The image below is divided into three columns, each with a top-bottom pair of images. The top image in each pair shows the position of a digital camera relative to a protractor, while the bottom images show the resulting photograph taken from that position. The left image pair shows the root of the protractor placed just in front of the nodal point of the camera lens. The resultant photograph shows the protractor lines converging inwards. This parallax error indicates that we are beyond the nodal point of the lens. The right image pair shows the protractor root well behind the nodal point. The lines in the corresponding photograph are seen to fan outwards, showing inverse parallax error as previously by diverging from the root of the protractor. Finally, in the central image pair, we see the protractor root and the nodal point of the lens approximately collocated. There is no (minimal) parallax error in the photograph taken from this position as the protractor lines are seen to be parallel. This is the nodal point, or optical centre of the lens.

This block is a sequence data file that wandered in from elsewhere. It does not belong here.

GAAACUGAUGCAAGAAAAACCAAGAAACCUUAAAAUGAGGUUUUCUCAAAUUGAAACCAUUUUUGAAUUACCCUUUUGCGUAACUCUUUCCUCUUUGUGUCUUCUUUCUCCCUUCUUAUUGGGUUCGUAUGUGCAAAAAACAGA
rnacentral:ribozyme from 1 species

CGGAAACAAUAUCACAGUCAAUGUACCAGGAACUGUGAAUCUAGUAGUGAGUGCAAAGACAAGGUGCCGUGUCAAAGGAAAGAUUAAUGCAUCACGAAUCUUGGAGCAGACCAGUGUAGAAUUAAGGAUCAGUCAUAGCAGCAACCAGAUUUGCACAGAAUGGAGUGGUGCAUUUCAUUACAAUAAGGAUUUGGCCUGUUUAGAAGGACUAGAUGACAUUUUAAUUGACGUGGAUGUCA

Establishing the nodal point using a protractor has the advantage that we can then read the FOV directly. For instance, in the central image above, the horizontal FOV is approximately 72°.
The reason that we need to establish the nodal point of our modified C310 cameras is firstly to verify that they are indeed what we think they are, and secondly to accurately determine the angular distribution over the image. This needs to be done for both horizontal and vertical orientations. The FOV distribution can then be plotted. The image below illustrates this process for our modified C310 cameras. The resulting images and FOV taken from the C310 nodal point are shown. As we can see, the horizontal FOV is slightly less than the 120° advertised, but the vertical is slightly more than would be expected from the 1.33:1 aspect ratio. This may be due either to the lens itself or to its mounted position relative to the sensor.